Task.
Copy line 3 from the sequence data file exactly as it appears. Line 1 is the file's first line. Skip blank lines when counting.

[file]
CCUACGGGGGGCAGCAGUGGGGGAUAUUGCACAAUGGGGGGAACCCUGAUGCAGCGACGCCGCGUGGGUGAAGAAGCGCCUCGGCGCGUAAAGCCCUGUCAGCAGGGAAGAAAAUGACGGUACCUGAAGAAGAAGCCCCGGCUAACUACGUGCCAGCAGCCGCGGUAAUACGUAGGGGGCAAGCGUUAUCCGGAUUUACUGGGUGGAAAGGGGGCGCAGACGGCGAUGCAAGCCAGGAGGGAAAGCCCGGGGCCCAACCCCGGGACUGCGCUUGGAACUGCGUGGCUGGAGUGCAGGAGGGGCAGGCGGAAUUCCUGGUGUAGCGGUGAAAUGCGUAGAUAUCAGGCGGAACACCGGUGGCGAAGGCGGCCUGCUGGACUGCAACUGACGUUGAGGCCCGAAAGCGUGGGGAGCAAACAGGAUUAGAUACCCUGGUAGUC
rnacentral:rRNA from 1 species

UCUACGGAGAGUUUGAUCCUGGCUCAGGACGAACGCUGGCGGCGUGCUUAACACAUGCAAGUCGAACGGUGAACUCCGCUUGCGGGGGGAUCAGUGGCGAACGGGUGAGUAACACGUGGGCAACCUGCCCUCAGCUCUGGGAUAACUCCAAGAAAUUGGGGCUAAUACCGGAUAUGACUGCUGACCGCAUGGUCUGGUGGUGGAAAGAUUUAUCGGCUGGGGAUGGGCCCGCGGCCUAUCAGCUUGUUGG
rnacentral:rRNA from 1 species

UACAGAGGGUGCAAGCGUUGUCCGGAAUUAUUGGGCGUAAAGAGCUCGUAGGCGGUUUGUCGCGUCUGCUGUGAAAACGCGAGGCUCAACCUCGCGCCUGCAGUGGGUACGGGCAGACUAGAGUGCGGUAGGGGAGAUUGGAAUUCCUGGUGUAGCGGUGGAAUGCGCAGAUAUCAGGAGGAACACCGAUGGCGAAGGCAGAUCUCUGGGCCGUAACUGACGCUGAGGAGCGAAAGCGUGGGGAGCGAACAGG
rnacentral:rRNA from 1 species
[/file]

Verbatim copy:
UCUACGGAGAGUUUGAUCCUGGCUCAGGACGAACGCUGGCGGCGUGCUUAACACAUGCAAGUCGAACGGUGAACUCCGCUUGCGGGGGGAUCAGUGGCGAACGGGUGAGUAACACGUGGGCAACCUGCCCUCAGCUCUGGGAUAACUCCAAGAAAUUGGGGCUAAUACCGGAUAUGACUGCUGACCGCAUGGUCUGGUGGUGGAAAGAUUUAUCGGCUGGGGAUGGGCCCGCGGCCUAUCAGCUUGUUGG